To try and make sure they go to good homes I am asking £10 each for them.  I am only selling them locally however to minimise the phychological damage that they would suffer should they have to travel far to new homes.  If you would like any and live fairly local to Sutton-in-Ashfield, Nottinghamshire, UK then please email me at

Of the 5 that are left, 2 are from ‘Squeek’ (hen) – not sure who Dad is –  and the other three are from ‘Blue’ (hen) and ‘Pied’ (cock), my most prolific breeders.

This year's first babies ready to go

Check the picture to take a look at them now but please excuse the quality as I only have my mobile phone’s 2mp built-in camera to take photos with.

They are all strong and healthy birds that are eating well and ready to go, but as they have not yet seen their first molt I can’t tell which are female and which are male.

So far there’s no cockatiel chicks (although they’ve laid eggs) and no Java sparrow chicks (they have laid eggs also), the Bengalese (society) finches and the zebra finches appear to be struggling with the concept of egg laying – the nests are built but no eggs laid.  Meanwhile both ‘Squeek’ and ‘Blue’ have already laid again, but I will only allow my birds to raise a maximum of 2 clutches each per year.

On a similar note, ‘Squeek’s’ baby from last year – another beautiful bright yellow – which I decided to keep myself because of her colour has also laid eggs but no chicks yet, so good luck to her!

Apart from the budgies the other birds seem to be struggling but I live in optimism.

Pet Birds from Oz – Grass Parakeets

Australian grass parakeets are popular as pets or aviary birds due to their colourful markings, small size and placid nature. About the same size as budgerigars; they do however command a premium price by comparison but are well within the reach of most enthusiasts. There are about 6 popular species of grass parakeet used in aviculture.

All the species of Australian grass parakeets are closely related to the budgerigar but unique in their own separate ways. When kept as domestic birds they have very similar requirements to budgerigars; same type and size of nest box, same or similar type of food etc. so their requirements are easily met.

Originating from the grasslands of their native land as the name suggests, these are beautiful little parrots in a good variety of colours; often the iridescence of their plumage makes them even more attractive to the bird keeper. Also their calm and placid nature is an added attraction along with the fact that they are not prone to annoying squawking and often emit nothing more than a just audible chirp, making them ideal in flats or apartments where a quiet pet is beneficial.

Grass parakeets are readily available on the market but due to their desirable characteristics and appearance you will find that demand often outstrips supply. So don’t expect to pay less than £30 each and often more; not a bad price really but quite steep when compared to their nearest pet neighbours, the budgerigars which can often be picked up for £10 or even less.

The most common species as pets are the bourke (bourke’s parakeet), scarlet-chested (splendid), turquoisine, elegant parakeet, rock parrot, blue-winged parakeet, and the red-rump. Search for any of these in a good online image search and you will notice immediately why they are so desirable to bird keepers.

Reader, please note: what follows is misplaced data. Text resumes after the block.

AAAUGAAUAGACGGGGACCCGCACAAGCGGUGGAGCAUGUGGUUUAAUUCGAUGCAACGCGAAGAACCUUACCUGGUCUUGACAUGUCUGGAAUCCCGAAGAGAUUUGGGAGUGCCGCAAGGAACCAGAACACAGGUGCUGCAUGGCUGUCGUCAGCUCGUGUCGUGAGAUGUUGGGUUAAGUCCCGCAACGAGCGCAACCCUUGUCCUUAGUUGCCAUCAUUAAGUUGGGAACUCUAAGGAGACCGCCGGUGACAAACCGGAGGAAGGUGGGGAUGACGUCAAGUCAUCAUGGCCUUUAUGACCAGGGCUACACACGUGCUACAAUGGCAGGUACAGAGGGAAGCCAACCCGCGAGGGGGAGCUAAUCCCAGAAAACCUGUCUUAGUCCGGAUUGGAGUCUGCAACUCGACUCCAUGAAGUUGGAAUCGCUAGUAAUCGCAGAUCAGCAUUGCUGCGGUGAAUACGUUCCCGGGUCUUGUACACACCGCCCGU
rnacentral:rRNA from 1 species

Neopsephotus Bourkii

It is claimed that of all the grass parakeets these are the easiest to keep in captivity, as they are very undemanding. They originate from central and south-western Australia and are approximately 7.5 inch 19 cm long. Bourke’s parakeets are considered by some to be rather dull due to their brown colour but they do have a pink front and blue on the wings, there are some brightly coloured mutations however such as the rosy bourke, and all have a calm and charming nature.


Neophema elegans

Native to southern Australia the elegant grass parakeets are olive-yellow in colour with a blue band across the forehead and along the edge of the wings and are about 8.75 inch 22 cm long. Very popular as captive birds with many keepers throughout the globe.

Red rump

Psephotus haematonotus

Originating from southeast Australia and found in flocks or pairs in open country, also frequenting suburban gardens and parks but avoiding the wetter heavily timbered areas and coastal regions. A medium sized parrot of about 25 – 28 cm 9.75 – 11 inches and emerald green in colour with yellow underparts, the actual red-rump only applies to the male of the species.


Neophema chrysostoma

A migratory species that breeds in Tasmania but sees the winter out in southeast Australia, found in flocks of up to 2000 before migration but usually in pairs during the breeding season. These little parrots are about 20 – 22 cm 8 – 8.5 inches and mainly olive green with a blue band to the forehead and edge of wings and yellow belly (very similar markings to the elegant but the blue banding is less profound).


Neophema splendida

Also commonly known as the scarlet-chested parakeet and often confused with the turquoisine due to similar markings. About 7.5 to 8 inches 19 – 20 cm in length. As their name implies these have a scarlet chest but also a yellow belly and underside, bright blue (often iridescent) head and wing edges and a deep green back and rump. Considered by some to be the most beautiful of the grass parakeet species and so making them very popular in captivity. Native to western new south Wales and interior western Australia.


Neophema pulchella

Once common throughout eastern Australia but now mainly found in the north eastern areas. Approximately 20 cm 8 inch long. Also a desirable and popular pet due to its calm and placid nature (a trait that seems common in all grass parakeets) and it’s wonderful iridescent turquoise colouring to the crown, face and edges of wings, green back, often orange-yellow chest and red belly.

As Featured On EzineArticles

More detailed information coming soon.